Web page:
That’s because, with them, you can add your own menu, header, footer. You can add sidebar widgets, or any other theme element as well. For example, if you have sliders, call to action, buttons. All of that can be used, as the entire page is under your control.

Creating a custom login page with a plugin

There are many WordPress login plugins. Here we list two options, one to customize the default WordPress login, and another one to create custom login pages.

Custom Login Page Customizer

Plugin to customize the default WordPress login page


This plugin works from the WordPress customizer screen to change how your default WordPress login looks like. You are still bound to the WordPress login page, but you can completely change its appearance. Here are some of its features

  • Custom logo
  • Logo size setup
  • Custom background image and color
  • Form styling
  • Fields styling
  • Button styling

Theme my login

WordPress plugin to create a custom login page


This plugin allows custom WordPress login pages in your frontend. It allows you to create a custom login within your theme. Therefore, you can fix the design issues as well as usability issues with your own WordPress login page.

These are the main features of this plugin:

  • Frontend login
  • Set up log in with email and password, username and password or a combination of both methods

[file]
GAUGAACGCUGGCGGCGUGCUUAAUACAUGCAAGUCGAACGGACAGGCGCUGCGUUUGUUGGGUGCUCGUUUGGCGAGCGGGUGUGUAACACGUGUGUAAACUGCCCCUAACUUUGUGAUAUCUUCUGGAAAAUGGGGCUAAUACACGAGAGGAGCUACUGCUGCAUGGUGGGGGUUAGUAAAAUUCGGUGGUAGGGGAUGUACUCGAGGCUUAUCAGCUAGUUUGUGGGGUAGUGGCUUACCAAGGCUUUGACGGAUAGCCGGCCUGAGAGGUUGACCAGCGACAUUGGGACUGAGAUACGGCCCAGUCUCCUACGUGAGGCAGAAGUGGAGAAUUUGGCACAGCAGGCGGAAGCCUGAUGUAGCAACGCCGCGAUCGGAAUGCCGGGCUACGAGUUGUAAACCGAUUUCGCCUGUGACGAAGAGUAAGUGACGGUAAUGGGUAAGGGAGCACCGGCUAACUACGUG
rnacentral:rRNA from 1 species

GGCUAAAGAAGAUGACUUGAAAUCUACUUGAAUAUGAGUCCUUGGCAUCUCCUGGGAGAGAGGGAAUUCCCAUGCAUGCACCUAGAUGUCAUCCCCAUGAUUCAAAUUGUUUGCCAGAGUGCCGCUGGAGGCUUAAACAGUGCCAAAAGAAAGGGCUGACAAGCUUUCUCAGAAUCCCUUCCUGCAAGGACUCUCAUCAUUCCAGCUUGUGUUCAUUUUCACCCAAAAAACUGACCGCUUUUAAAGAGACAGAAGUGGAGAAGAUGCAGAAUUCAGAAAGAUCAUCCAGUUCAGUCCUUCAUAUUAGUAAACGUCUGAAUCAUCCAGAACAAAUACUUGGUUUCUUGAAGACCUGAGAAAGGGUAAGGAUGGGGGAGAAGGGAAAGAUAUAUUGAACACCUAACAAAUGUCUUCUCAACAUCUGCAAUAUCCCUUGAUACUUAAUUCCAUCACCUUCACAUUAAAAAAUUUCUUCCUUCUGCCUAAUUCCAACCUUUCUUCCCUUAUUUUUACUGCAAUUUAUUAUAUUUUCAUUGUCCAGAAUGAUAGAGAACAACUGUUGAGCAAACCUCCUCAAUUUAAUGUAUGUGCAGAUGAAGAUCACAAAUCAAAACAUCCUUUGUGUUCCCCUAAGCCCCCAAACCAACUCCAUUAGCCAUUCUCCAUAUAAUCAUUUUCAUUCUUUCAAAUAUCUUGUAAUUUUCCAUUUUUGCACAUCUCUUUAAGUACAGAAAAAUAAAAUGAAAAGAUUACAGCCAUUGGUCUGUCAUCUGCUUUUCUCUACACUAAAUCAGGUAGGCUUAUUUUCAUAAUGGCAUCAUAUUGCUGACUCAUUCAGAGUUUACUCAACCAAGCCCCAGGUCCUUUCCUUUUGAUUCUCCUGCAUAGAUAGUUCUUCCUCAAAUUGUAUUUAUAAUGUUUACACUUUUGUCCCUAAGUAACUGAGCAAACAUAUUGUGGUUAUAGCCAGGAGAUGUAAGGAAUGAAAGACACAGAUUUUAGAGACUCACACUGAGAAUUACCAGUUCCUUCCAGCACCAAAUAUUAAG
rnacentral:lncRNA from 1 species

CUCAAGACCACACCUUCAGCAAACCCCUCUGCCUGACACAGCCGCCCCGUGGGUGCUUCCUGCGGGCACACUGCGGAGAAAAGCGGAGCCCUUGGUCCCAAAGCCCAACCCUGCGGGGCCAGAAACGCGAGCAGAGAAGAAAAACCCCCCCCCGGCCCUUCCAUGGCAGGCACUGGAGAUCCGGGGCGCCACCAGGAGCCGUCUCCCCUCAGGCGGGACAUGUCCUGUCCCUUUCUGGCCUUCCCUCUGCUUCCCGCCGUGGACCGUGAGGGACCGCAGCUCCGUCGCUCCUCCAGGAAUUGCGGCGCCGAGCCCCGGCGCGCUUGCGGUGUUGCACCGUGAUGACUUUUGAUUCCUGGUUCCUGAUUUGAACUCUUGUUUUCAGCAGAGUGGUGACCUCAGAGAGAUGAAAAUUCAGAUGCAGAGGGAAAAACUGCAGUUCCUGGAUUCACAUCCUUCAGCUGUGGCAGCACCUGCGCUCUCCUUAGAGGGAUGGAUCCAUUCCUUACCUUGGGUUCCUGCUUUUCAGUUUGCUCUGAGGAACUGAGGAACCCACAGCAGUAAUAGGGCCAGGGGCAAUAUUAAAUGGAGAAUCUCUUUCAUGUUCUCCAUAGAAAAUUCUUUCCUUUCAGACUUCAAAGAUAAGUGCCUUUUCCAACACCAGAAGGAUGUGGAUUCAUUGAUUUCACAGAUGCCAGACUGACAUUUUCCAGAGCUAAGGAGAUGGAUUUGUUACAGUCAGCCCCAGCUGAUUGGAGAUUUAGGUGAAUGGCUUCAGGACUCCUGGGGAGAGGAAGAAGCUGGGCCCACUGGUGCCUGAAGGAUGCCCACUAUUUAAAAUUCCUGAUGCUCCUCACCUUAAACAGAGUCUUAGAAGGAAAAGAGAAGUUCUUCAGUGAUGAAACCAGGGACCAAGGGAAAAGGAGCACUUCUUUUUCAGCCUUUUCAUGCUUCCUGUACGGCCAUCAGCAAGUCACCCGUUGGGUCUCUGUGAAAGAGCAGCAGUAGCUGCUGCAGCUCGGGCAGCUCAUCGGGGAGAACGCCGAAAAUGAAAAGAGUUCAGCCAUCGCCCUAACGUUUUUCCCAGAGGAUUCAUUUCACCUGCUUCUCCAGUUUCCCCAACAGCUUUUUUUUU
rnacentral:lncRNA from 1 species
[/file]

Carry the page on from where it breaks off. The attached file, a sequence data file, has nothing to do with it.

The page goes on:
• Frontend registration
  • Frontend password recovery tool
  • Custom slugs for the login, registration, password recovery and other pages
  • Allow user registration with email only
  • Allow users to add their own passwords
  • Auto-login after user registration


These plugins can be a great option for you. But it is possible to create your own frontend WordPress login with a few lines of code. Let’s see how to do that now.

Creating a custom login page with code using the wp_login_form()

WordPress has many built-in functions. And a lot of them can be used in creative ways, to solve big issues elegantly. This is the case for a custom WordPress login page.

Instead of worrying about the entire form, authentication, security, and HTML, you just need one function. That’s the wp_login_form() function.